Don’t let Sea Sickness Ruin Your Trip
Turning a day on the water into a nightmare. Fortunately, there are remedies and precautions you can take to keep seasickness from ruining your day on the water. Prevention, treatment, and minimization of symptoms are the best ways to deal with seasickness. Whether you’ve experienced it in the past or have never had problems with sea sickness, it can strike at any time. It’s wise to carry remedies with you and take certain precautions before heading out on the water.
Seasickness is a motion-induced illness. The rolling of the boat upsets the delicate balance of the inner ear and can cause nausea and vomiting. As anyone who’s ever suffered through it can testify, it can make for a miserable day out if not treated. The best treatment is prevention, so be sure to take steps to prepare your body for your fishing trip. Limit your alcohol intake in the hours preceding your trip, and eat, but not to excess. You don’t want to be stuffed when heading out- the extra load will make it harder for your body to withstand nausea.
Deep Sea Fishing Sickness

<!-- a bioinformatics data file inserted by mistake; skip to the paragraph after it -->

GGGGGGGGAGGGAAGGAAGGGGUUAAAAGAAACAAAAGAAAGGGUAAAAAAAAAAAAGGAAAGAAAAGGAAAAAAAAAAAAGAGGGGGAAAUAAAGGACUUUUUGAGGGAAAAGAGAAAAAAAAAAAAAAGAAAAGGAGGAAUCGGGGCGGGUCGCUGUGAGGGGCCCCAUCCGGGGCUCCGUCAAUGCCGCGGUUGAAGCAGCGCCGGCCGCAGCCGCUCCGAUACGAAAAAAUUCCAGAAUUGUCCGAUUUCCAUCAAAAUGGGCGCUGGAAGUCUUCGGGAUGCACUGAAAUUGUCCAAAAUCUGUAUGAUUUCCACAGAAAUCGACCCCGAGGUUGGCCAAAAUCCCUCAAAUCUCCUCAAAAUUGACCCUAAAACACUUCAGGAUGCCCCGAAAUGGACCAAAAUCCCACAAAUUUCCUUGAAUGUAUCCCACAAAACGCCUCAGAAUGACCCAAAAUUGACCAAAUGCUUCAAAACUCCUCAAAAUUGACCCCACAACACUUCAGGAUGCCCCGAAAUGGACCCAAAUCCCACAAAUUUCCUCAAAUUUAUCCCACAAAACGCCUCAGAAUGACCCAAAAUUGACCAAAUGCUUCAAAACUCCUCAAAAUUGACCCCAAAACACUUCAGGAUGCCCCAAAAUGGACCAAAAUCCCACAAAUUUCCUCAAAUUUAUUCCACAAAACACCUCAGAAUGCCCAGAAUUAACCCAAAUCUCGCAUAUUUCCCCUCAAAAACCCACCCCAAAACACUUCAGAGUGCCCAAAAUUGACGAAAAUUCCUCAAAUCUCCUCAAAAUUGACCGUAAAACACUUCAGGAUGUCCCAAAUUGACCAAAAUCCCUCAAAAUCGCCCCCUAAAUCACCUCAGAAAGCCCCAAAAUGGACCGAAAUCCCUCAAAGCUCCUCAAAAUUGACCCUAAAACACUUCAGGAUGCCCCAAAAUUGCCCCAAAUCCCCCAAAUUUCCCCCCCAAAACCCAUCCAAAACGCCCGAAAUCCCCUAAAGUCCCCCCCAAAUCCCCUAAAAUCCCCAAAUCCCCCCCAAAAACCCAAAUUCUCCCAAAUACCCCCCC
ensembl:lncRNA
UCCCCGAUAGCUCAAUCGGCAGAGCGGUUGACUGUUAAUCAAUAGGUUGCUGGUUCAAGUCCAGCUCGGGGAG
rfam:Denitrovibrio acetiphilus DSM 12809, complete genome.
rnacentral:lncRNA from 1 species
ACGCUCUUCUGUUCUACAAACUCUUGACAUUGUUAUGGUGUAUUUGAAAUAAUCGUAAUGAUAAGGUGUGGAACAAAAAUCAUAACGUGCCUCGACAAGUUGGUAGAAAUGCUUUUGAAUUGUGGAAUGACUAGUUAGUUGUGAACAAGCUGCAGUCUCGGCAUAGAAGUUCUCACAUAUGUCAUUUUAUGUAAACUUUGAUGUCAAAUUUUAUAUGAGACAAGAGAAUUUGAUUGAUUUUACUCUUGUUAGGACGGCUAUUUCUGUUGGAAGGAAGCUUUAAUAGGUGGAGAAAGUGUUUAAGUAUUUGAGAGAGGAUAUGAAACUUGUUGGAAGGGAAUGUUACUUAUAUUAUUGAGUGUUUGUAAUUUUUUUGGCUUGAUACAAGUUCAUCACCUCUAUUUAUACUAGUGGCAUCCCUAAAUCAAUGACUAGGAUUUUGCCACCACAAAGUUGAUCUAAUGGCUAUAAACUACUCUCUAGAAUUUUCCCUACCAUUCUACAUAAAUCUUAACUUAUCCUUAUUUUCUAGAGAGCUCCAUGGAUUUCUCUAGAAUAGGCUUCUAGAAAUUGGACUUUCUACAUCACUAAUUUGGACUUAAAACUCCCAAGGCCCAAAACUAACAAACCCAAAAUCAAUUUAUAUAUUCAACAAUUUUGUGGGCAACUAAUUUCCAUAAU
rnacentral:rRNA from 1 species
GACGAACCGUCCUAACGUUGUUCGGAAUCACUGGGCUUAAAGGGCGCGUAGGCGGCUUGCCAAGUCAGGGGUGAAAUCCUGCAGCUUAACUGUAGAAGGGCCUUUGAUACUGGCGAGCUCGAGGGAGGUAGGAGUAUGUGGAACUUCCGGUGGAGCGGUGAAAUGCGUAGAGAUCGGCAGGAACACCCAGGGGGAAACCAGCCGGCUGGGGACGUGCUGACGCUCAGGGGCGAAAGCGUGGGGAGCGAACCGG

Heading out to the deeper waters may produce the beginnings of nausea that mark seasickness. Deep sea fishing sickness can make your day on the water miserable, so be sure to begin combatting the symptoms the moment they appear. If you’ve experienced seasickness in the past, you will want to take over the counter medications like Dramamine, Bonine or Meclizine, or try a Scopolamine patch. Ginger is also effective in battling deep sea fishing sickness. You should not take more than 2 tsp powdered ginger every day. Taking ½ a tsp powdered ginger every 4 hours may settle your stomach. It is available in capsule form as well, or consider chewing on a piece of fresh ginger.
Offshore Sea Sickness
Once the ship is offshore, seasickness is more difficult to deal with because there is no turning around and heading back in. Offshore seasickness is no more difficult to cope with than closer to shore, but it may seem worse because of the lack of land nearby. Staying above deck and staring at the horizon may help reduce the feelings of motion and nausea. Wearing a motion sickness wristband that keeps pressure on your inner arm two inches down from your wrists may also help. Whichever method you choose when sailing offshore, seasickness is not inevitable. You can enjoy your day on the water with prevention and treatment.